Shell games: Unravelling the complex web around abalone poaching
Despite regular success, abalone poaching remains a thorn in the side of the authorities, with the nation's fiscus losing hundreds of millions of rands to sophisticated syndicates who illegally exploit the natural resource.
CAPE TOWN - Law enforcement agencies hope that greater coordination and collaboration will help them break the back of abalone syndicates.
Abalone busts and successful confiscations often make news headlines and yet every year, the nation's fiscus loses hundreds of millions of rands to sophisticated syndicates who illegally exploit the natural resource.
The rich cold waters of the Atlantic Ocean are a prime habitat for sought-after abalone.
But the nation is not profiting from the natural resource to the extent that it could be.
"The country's losing about 3,000 tonnes of abalone per annum," the Department of Environmental Affairs' Bernard Liedemann explains.
This costs the economy dearly: "We estimate that it's between that minimum amount of R260 million but it can go up to as much as R2 billion lost to the country."
The biggest demand for South Africa's abalone is the Far East and both legal fishermen and criminal syndicates exploit a booming market in mainland China and Hong Kong.
The illegal trade is a complex web to unweave, with sophisticated syndicates at the top and subsistence poachers, like this man, at the bottom.
"Before I was working, but poaching is what put money in my pocket and food on the table. The alternative was drugs. When I didn't have employment, I approached a group of poachers and nobody asked any questions and they put me to work."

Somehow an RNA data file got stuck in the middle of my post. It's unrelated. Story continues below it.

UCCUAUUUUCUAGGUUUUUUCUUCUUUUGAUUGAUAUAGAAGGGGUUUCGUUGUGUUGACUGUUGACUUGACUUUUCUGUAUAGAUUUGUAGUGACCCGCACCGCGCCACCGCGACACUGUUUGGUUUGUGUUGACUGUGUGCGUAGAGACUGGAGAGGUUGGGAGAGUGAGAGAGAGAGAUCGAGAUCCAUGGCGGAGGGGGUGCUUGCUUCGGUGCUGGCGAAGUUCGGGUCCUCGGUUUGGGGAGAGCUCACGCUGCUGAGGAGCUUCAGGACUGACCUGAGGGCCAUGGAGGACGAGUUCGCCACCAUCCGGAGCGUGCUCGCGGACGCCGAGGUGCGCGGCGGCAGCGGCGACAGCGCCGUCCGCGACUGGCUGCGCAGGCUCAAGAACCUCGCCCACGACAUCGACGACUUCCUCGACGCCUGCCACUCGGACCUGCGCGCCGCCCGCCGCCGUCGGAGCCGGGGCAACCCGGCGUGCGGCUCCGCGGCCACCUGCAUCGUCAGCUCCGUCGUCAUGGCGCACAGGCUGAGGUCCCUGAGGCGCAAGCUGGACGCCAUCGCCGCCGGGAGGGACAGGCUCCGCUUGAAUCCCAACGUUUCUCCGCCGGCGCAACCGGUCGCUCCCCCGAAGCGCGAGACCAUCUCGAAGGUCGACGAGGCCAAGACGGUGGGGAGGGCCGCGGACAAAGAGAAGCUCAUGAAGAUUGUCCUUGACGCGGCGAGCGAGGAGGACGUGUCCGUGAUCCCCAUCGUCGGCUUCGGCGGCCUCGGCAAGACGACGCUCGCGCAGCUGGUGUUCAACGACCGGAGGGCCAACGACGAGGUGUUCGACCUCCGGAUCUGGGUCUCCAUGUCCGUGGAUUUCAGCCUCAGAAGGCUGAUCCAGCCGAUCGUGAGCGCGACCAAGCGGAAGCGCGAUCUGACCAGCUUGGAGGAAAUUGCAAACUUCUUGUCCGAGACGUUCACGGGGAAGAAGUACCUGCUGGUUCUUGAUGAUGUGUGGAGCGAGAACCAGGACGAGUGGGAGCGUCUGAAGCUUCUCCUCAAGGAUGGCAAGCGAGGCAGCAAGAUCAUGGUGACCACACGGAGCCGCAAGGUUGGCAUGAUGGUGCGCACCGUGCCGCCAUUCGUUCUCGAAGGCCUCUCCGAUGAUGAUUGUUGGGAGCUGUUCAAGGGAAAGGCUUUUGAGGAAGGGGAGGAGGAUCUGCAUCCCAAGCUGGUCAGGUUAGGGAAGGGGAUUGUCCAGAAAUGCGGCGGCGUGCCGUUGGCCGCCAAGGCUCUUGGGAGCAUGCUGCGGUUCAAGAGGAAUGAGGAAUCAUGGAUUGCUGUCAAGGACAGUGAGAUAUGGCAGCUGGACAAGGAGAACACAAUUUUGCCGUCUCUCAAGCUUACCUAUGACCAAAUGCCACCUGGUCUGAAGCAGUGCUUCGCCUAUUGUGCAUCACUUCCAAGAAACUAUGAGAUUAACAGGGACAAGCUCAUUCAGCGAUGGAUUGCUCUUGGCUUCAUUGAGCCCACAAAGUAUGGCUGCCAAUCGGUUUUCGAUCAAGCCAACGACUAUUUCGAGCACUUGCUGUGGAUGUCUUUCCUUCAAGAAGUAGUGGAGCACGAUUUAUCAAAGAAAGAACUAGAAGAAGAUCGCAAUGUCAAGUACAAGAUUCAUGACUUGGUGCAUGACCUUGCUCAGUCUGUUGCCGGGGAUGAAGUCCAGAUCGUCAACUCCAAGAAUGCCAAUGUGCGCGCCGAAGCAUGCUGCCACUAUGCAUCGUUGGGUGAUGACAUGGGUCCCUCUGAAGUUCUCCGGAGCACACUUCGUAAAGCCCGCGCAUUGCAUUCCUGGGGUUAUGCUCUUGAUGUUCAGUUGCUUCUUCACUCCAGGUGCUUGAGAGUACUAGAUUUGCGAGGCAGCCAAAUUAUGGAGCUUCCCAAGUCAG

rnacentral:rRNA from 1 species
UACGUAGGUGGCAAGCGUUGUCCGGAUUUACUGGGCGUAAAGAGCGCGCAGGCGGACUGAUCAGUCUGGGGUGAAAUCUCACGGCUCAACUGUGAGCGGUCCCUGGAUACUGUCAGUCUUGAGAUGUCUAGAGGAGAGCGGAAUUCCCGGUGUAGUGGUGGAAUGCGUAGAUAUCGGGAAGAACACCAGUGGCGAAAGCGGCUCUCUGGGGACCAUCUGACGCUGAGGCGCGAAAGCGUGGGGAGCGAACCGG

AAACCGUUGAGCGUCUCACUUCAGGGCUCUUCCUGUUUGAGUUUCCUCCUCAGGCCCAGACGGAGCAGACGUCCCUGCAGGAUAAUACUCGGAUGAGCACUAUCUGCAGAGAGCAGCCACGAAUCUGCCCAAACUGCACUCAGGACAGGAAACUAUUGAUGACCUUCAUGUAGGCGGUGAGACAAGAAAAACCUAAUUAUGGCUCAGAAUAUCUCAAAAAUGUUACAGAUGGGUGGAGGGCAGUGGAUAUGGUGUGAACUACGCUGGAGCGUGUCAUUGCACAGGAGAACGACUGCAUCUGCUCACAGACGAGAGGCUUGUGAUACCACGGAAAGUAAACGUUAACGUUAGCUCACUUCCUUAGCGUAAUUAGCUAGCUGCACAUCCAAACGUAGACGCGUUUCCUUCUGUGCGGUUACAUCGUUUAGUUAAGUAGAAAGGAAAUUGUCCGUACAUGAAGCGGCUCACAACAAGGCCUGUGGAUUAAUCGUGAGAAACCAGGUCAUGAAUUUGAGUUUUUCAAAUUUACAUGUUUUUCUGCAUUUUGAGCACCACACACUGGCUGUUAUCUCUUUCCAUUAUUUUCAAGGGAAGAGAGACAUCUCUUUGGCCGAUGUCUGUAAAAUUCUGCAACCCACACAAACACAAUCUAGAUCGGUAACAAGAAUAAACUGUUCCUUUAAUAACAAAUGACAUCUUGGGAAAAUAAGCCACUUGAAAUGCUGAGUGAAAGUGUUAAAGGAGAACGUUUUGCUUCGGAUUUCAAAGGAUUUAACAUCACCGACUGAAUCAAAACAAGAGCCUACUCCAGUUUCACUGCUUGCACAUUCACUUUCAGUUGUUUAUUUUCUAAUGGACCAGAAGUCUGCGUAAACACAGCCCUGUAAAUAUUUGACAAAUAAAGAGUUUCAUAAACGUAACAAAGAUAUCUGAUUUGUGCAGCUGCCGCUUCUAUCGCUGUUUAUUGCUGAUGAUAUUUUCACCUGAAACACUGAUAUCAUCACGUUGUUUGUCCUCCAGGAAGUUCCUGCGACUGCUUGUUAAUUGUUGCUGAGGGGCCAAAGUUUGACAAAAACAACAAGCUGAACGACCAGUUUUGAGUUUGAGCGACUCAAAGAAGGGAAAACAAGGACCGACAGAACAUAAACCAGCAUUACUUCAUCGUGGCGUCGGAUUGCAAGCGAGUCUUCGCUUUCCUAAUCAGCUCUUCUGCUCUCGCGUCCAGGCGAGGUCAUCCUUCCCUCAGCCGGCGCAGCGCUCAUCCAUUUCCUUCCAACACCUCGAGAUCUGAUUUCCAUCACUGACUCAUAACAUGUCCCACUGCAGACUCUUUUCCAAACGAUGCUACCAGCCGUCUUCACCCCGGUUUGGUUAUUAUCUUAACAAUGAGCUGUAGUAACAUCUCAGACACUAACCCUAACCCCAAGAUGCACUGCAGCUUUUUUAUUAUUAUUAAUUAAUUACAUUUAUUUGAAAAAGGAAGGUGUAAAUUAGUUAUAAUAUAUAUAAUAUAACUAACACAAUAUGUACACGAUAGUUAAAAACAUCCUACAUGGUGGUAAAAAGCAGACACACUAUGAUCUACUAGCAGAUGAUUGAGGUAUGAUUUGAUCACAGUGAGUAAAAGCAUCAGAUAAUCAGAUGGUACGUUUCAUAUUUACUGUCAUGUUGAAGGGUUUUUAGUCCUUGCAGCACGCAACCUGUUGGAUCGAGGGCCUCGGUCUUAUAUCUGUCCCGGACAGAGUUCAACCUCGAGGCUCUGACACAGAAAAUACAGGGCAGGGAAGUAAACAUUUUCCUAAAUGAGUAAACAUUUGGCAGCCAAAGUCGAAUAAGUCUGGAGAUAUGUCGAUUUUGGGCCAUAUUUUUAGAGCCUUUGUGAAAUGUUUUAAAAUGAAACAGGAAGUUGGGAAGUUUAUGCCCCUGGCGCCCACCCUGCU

The Hangberg resident asked not to be named and told Eyewitness News that he left the syndicate when he found a job that paid him enough to live.
The SAPS and the Hawks are wary of narratives like his, saying that this was not a victimless crime driven by poverty but a serious problem driven by an organised multi-business criminal structure that feeds money and resources into various layers of criminal groupings.
Law enforcement and monitoring agencies said it was possible to break the back of the illegal abalone trade.
The Hawks in the Western Cape alone seized illegal abalone worth R30 million over the past financial year.
But they and their counterparts in other agencies acknowledged that they were a long way off from protecting a scarce natural resource that had become currency for sophisticated criminal syndicates.
Markus Burgener from the international conservation organisation TRAFFIC said that despite the many confiscations and arrests, the fight against abalone poaching was a bit of a lost cause.
"It has been going on for more than 20 years and we have not stopped it, if anything it's got worse in the last five years.
"I think these confiscations need to be recognised but we must not be fooled into thinking because we have a month where we're really successful, we make some significant confiscations and key arrests that that's going to be the game-changer, but it's really not."
It's a complex business run by very sophisticated syndicates with international associations and that means that cutting the head off the beast is difficult.
But Liedemann believes that there is reason to hope.
"I think we're definitely not losing the war, we must just keep on improving our efforts and hoping that at the end of the day, we'll win this war."
Authorities agree that operations that rope in all arms of law enforcement showed more success.
But whilst the Hawks and the SAPS agree that working together was the way, they acknowledged that it was challenging to synchronise efforts by multiple departments and close the gaps.